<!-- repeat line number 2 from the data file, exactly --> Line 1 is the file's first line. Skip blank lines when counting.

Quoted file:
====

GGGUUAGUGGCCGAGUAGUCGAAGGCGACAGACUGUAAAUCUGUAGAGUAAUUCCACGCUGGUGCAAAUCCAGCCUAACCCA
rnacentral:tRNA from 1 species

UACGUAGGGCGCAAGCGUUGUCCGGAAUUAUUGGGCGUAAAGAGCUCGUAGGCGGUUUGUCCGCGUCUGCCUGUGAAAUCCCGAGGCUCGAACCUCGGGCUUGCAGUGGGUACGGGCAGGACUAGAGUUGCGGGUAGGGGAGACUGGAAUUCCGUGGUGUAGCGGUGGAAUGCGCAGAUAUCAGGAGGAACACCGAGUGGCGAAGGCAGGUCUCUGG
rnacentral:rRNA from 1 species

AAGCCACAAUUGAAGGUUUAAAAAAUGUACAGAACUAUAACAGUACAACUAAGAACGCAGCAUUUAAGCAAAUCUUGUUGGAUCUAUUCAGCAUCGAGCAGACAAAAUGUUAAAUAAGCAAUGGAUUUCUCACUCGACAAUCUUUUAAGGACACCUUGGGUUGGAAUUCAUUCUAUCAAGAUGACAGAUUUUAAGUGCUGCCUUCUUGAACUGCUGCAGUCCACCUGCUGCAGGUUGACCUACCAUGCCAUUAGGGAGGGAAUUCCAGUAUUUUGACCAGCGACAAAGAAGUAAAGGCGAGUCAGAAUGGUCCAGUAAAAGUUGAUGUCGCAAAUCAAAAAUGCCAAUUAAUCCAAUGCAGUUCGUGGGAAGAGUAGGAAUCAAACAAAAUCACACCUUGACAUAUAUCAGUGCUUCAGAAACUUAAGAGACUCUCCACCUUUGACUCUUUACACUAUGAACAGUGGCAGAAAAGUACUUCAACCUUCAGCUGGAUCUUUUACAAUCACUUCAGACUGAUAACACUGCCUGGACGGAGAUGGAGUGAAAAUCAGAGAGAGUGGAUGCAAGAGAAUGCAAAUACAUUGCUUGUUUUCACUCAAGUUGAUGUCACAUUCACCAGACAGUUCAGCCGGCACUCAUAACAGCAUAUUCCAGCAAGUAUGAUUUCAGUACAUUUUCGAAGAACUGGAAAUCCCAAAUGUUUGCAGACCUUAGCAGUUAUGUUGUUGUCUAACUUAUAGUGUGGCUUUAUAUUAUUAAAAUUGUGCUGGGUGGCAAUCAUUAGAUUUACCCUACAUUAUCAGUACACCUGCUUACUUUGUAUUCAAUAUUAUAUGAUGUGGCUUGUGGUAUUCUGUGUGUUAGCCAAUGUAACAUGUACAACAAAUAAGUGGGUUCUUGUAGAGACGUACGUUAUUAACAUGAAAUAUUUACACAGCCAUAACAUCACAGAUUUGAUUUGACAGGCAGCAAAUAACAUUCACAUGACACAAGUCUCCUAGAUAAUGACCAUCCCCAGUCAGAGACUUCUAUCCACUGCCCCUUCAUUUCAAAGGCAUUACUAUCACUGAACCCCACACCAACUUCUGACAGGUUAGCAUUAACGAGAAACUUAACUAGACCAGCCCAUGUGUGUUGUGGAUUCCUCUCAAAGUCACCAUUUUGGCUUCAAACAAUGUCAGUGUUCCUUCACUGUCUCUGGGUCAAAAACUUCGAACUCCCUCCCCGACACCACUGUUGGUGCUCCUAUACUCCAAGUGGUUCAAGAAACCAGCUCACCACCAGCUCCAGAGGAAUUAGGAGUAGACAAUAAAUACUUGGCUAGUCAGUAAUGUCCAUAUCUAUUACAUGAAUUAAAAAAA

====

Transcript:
rnacentral:tRNA from 1 species